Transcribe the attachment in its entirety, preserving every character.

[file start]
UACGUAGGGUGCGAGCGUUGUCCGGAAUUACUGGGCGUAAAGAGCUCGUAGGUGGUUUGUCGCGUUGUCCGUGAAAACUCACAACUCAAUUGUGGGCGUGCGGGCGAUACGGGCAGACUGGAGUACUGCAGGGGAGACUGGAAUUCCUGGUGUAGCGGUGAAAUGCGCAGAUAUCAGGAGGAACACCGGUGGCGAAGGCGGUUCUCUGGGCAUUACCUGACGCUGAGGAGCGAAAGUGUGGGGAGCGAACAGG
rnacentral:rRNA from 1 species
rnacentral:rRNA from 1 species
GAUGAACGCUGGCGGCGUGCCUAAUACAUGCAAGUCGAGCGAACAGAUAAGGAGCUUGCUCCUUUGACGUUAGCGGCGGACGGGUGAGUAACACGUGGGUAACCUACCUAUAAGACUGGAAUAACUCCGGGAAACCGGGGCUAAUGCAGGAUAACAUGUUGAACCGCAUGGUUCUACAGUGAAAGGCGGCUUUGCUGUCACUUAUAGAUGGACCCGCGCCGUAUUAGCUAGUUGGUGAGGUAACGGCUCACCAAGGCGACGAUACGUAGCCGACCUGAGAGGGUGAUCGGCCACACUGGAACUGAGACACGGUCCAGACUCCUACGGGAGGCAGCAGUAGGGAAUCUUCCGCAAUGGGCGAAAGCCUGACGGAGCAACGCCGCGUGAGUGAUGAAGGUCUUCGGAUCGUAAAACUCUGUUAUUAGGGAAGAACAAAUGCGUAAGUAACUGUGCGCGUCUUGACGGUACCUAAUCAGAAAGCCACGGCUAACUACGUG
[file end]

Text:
UACGUAGGGUGCGAGCGUUGUCCGGAAUUACUGGGCGUAAAGAGCUCGUAGGUGGUUUGUCGCGUUGUCCGUGAAAACUCACAACUCAAUUGUGGGCGUGCGGGCGAUACGGGCAGACUGGAGUACUGCAGGGGAGACUGGAAUUCCUGGUGUAGCGGUGAAAUGCGCAGAUAUCAGGAGGAACACCGGUGGCGAAGGCGGUUCUCUGGGCAUUACCUGACGCUGAGGAGCGAAAGUGUGGGGAGCGAACAGG
rnacentral:rRNA from 1 species
rnacentral:rRNA from 1 species
GAUGAACGCUGGCGGCGUGCCUAAUACAUGCAAGUCGAGCGAACAGAUAAGGAGCUUGCUCCUUUGACGUUAGCGGCGGACGGGUGAGUAACACGUGGGUAACCUACCUAUAAGACUGGAAUAACUCCGGGAAACCGGGGCUAAUGCAGGAUAACAUGUUGAACCGCAUGGUUCUACAGUGAAAGGCGGCUUUGCUGUCACUUAUAGAUGGACCCGCGCCGUAUUAGCUAGUUGGUGAGGUAACGGCUCACCAAGGCGACGAUACGUAGCCGACCUGAGAGGGUGAUCGGCCACACUGGAACUGAGACACGGUCCAGACUCCUACGGGAGGCAGCAGUAGGGAAUCUUCCGCAAUGGGCGAAAGCCUGACGGAGCAACGCCGCGUGAGUGAUGAAGGUCUUCGGAUCGUAAAACUCUGUUAUUAGGGAAGAACAAAUGCGUAAGUAACUGUGCGCGUCUUGACGGUACCUAAUCAGAAAGCCACGGCUAACUACGUG